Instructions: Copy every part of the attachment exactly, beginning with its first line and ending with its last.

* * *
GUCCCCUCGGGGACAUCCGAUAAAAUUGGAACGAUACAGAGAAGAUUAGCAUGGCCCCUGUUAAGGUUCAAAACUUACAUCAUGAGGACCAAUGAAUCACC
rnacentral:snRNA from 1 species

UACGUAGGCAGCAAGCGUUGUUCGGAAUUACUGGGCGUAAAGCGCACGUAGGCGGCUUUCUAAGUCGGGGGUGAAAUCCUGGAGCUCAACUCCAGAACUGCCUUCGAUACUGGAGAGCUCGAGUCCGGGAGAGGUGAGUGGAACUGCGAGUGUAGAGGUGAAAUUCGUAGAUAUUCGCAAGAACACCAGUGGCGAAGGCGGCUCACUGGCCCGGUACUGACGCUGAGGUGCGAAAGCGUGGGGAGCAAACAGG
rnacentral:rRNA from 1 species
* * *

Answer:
GUCCCCUCGGGGACAUCCGAUAAAAUUGGAACGAUACAGAGAAGAUUAGCAUGGCCCCUGUUAAGGUUCAAAACUUACAUCAUGAGGACCAAUGAAUCACC
rnacentral:snRNA from 1 species

UACGUAGGCAGCAAGCGUUGUUCGGAAUUACUGGGCGUAAAGCGCACGUAGGCGGCUUUCUAAGUCGGGGGUGAAAUCCUGGAGCUCAACUCCAGAACUGCCUUCGAUACUGGAGAGCUCGAGUCCGGGAGAGGUGAGUGGAACUGCGAGUGUAGAGGUGAAAUUCGUAGAUAUUCGCAAGAACACCAGUGGCGAAGGCGGCUCACUGGCCCGGUACUGACGCUGAGGUGCGAAAGCGUGGGGAGCAAACAGG
rnacentral:rRNA from 1 species